T’is The Season To Be Protected Against the Cold and Know How to Treat Unexpected Frostbite.
Frostbite is an injury to any part of the body after excessive exposure to extreme cold. It is caused by freezing of the skin and underlying tissues. At first, the skin becomes very cold and red, then numb, hard and pale. Frostbite is most common on the fingers, toes, nose, ears, cheeks and chin.
The goal of frostbite treatment is to salvage as much tissue as possible, to restore body functioning, and to prevent complications.
The earliest sign that the body temperature begins to fall below normal (hypothermia) is shivering. This is actually good since the body is attempting to warm its temperature. However, prolonged exposure to extreme cold temperature can have the following symptoms:
* Numbness and loss of pain sensation
* Cold skin that feels hard and solid
* Loss of function
* Color change from white, to red to purple
* Slurred speech
When you notice these signs, make sure to apply the following first aid procedures:
* Call 911 for moderate to severe symptoms or seek immediate medical care.
* Move to a warm place and remove any wet clothing.
* Unless it is absolutely necessary, do NOT walk on frostbitten toes or feet.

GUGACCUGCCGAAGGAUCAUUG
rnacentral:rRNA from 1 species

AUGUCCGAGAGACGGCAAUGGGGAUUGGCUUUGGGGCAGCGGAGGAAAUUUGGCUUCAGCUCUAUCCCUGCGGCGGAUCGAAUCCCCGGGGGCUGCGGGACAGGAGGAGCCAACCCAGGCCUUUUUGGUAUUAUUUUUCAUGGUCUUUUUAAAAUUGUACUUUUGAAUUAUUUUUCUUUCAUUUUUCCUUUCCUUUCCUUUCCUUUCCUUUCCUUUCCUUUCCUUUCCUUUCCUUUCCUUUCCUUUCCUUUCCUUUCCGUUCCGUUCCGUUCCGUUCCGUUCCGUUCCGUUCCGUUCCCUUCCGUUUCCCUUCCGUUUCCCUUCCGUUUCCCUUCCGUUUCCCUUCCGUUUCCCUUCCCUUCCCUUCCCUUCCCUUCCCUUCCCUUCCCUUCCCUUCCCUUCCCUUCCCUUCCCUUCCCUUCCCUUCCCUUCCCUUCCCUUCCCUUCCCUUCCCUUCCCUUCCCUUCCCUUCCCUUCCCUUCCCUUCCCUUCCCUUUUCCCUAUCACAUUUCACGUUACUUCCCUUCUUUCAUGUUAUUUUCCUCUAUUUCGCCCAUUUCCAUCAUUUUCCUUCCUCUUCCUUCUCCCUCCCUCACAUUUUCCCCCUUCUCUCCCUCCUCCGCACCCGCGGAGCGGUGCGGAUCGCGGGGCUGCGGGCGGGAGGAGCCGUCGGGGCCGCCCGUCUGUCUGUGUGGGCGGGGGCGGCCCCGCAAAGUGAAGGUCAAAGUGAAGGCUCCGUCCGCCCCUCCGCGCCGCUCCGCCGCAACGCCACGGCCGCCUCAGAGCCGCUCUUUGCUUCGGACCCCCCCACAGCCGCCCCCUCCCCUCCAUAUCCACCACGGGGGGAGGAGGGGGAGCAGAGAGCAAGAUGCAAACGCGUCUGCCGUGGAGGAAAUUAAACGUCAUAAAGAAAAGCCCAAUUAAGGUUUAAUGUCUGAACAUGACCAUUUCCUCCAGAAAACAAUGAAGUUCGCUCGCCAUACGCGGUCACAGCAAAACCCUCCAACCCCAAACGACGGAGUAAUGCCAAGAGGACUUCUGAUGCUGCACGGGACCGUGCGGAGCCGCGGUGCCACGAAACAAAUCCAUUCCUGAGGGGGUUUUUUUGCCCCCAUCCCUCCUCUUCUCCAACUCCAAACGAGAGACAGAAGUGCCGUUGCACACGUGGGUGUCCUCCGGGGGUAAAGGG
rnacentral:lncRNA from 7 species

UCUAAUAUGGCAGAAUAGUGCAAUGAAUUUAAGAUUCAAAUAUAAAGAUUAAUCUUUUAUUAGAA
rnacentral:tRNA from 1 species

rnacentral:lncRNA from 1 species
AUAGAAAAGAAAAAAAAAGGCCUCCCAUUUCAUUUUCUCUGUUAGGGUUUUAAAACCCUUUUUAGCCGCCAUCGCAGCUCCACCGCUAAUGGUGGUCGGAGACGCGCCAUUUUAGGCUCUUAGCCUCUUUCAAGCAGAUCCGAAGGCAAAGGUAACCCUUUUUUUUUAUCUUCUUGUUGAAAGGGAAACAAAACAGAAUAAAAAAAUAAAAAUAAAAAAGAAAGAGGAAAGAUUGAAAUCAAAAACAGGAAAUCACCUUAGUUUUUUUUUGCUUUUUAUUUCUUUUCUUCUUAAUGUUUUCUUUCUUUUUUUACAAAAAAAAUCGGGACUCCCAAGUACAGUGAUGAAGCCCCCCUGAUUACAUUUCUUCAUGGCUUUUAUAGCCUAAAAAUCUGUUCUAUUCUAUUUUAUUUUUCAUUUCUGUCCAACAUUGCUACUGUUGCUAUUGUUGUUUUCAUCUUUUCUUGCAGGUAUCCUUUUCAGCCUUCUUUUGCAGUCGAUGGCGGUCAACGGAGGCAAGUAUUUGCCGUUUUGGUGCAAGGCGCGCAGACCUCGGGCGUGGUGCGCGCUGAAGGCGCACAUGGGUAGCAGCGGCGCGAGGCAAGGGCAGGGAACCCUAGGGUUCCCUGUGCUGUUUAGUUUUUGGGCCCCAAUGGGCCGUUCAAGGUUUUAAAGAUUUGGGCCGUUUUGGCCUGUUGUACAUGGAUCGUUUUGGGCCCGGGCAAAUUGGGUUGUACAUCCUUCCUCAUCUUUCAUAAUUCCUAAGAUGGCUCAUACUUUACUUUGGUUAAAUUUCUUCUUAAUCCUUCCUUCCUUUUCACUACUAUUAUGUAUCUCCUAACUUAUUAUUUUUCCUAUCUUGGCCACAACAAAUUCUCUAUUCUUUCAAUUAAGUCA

* Do NOT begin to warm the skin until you can maintain keeping it warm. Warming, re-exposing to cold air, and then re-warming can cause further damage.
* Gently warm the area in tepid to warm (NOT hot) water or with wet warm towels until the skin appears red and warm.
* If no water is nearby, breathe on the area through cupped hands and use blankets.
* Do NOT use direct heat from heating pads, a heating bottle, radiator, or by sitting close to fires.
* Do NOT rub or massage the skin or break any blisters that may have formed.
While outdoors and especially when hiking or camping, always be prepared for extremes in temperatures including the sudden potential for very cold weather when the seasons are changing, even when it is warm at the onset of your outing.
Higher altitudes and mountainous regions are highly susceptible to swift changes in temperatures. Do not ignore your body when it begins to shiver. Wear more layers of clothes as necessary.
Carry a Mylar emergency blanket or two, to protect against sudden onset of cold and protection in the event of encountering severe weather.
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